# Swapping spin operators when commuting

I'm working on a problem at the moment and its asking me to use ehrenfast's theorum to show that my previous answers were correct, but I'm out by a minus sign.

I assumed that if $$[S_z, S_x] = ihS_y$$, then $$[S_x, S_z]$$ must be $$-ihS_y$$.

Is this really stupid?

If I know that $$\hat{H} = \omega S_z$$, then my expectation value for $$S_x$$ from Eherenfest's theorem becomes $$-\omega \langle S_y \rangle$$ right?

For some reason the previous sections sort of requires me to find it as just $$\omega \langle S_y \rangle$$ but I can't see anything wrong with the way I did my integrals for that part so I'm hoping I've done something something stupid here with Ehrenfast.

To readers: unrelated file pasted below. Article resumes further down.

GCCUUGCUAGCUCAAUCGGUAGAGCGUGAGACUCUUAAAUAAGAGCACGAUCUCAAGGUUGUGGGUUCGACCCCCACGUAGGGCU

EDIT to clarify:

I'm basically just asking if there is any difference between $$[S_z, S_x]$$ and $$[S_x, S_z]$$. We know that for spin $$[S_z, S_x] = ihS_y$$, it's a standard thing. If I swap the operators and commute, is it the same or is it negative?

• You should add more context and details. I really don't understand the question. Mar 2, 2022 at 11:05
• Regarding the edit: Hint: Check the definition of $[A,B]$. Mar 2, 2022 at 11:25

Indeed it holds for any two operators A and B: $$[A,B]=AB-BA=-(BA-AB)=-[B,A]$$ You need to provide more details in order to get a more detailed answer to your question.